A New Relationship with Nature and Travel

In her new book, "The Urban Bestiary," Lyanda Lynn Haupt explains that most people's relationship with nature has gone from that of being a romantic wanderer (think John Muir or Henry David Thoreau) to that of being "present, involved, touched and touching, in a journey of reconnection between daily life and wilder earth."  While we still yearn for the days when nature was truly untouched and to walk within it was completely different than our everyday lives, that has changed quite a bit, as anyone who as visited Yosemite Valley or Yellowstone in the high season can tell you.  My home in Marin County feels more relaxing (especially when no ones using a chain saw or a leaf blower).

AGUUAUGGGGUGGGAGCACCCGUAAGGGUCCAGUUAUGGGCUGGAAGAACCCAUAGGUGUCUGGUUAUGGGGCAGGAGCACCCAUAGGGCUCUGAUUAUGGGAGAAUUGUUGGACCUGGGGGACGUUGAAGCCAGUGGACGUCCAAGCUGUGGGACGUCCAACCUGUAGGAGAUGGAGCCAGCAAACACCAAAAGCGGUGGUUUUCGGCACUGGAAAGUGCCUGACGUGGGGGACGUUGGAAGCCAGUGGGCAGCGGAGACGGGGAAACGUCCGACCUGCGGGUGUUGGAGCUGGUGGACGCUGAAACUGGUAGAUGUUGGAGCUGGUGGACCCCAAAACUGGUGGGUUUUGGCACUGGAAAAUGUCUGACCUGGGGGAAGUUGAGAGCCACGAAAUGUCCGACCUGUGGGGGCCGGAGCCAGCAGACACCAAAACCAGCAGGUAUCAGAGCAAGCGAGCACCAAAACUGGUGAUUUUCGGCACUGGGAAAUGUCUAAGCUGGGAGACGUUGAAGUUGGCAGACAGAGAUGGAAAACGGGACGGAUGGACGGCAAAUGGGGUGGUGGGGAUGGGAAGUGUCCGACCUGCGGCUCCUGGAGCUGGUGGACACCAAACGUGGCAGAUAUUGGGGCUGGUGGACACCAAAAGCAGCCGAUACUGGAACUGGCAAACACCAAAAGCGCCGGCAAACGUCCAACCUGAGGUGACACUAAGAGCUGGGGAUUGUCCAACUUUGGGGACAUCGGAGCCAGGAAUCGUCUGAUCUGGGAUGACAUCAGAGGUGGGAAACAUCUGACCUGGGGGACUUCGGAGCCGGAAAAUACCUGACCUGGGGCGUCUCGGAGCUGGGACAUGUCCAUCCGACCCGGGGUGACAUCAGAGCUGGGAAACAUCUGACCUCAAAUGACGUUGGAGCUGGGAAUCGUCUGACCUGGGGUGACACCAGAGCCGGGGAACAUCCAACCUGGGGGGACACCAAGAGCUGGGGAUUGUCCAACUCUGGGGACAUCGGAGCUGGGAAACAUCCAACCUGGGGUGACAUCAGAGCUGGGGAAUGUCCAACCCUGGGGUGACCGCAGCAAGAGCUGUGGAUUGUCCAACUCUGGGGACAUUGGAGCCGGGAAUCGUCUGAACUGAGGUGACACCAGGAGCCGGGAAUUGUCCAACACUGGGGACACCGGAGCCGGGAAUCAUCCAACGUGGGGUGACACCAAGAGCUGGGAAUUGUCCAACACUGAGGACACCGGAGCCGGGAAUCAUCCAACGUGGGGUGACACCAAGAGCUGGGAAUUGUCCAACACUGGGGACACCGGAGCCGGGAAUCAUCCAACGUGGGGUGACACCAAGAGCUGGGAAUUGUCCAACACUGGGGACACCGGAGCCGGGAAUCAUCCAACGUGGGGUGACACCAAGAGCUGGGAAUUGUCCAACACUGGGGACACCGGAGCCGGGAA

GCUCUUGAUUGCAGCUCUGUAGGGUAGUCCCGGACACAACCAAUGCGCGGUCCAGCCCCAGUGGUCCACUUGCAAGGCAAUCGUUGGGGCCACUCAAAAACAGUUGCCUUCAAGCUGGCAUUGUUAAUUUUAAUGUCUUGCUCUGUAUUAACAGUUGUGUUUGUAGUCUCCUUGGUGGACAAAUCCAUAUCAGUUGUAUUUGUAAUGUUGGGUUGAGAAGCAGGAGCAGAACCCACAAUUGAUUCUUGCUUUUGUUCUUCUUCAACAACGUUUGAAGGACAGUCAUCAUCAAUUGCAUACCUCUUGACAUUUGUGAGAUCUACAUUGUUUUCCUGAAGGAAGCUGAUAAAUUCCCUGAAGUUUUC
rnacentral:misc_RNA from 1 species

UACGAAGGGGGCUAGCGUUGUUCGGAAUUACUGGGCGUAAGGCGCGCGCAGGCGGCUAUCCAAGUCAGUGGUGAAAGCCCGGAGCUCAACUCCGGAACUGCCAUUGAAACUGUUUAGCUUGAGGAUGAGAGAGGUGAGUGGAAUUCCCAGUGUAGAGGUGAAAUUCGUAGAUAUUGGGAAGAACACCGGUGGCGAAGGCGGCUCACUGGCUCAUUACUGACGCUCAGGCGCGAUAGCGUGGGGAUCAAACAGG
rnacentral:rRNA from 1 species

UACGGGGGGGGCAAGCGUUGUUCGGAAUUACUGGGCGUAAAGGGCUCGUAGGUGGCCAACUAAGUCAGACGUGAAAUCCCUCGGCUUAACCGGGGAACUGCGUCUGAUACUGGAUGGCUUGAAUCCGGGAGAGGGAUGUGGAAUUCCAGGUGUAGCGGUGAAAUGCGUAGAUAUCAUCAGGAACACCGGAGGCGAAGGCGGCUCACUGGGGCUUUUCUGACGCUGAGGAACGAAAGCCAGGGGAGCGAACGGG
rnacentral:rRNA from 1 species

The palpable sense and evidentiary proof that we are losing species and places due to our own actions makes every interaction with nature seem that much more important.  We can no longer take wild places for granted.  One way to make that trip into the wilderness that much more meaningful to you and your family and restorative to the Earth, is to plan a service activity that can be done as part of the trip.  The local ranger station or a "Friends of" group can point you in the right direction.  Choose lodgings where the proprietors are involved in taking care of the place that is sustaining them.

So the next time you consider going into the woods or to the seashore, consider planning for that quiet time that fuels your creative spirit, the fun with family and friends that creates a life well lived, and don't forget that restorative action on behalf of the wilds that will soothe your soul.